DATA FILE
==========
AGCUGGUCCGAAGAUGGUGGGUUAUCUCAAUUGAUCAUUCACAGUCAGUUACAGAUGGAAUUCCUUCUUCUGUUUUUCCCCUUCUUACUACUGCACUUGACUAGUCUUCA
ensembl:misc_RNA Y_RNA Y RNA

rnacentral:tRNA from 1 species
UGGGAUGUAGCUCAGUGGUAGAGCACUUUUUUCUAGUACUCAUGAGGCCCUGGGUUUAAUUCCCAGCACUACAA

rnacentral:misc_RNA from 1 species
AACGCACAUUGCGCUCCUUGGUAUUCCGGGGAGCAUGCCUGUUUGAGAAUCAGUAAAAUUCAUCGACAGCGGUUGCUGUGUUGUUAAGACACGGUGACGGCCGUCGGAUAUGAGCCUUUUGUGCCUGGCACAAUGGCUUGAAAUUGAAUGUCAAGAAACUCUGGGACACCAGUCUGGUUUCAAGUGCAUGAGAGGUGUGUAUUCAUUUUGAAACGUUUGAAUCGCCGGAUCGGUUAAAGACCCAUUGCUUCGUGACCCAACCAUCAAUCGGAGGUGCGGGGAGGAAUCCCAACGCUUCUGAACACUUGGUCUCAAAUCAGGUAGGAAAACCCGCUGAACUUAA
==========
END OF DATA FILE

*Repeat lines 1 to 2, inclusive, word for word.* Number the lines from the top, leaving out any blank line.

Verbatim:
AGCUGGUCCGAAGAUGGUGGGUUAUCUCAAUUGAUCAUUCACAGUCAGUUACAGAUGGAAUUCCUUCUUCUGUUUUUCCCCUUCUUACUACUGCACUUGACUAGUCUUCA
ensembl:misc_RNA Y_RNA Y RNA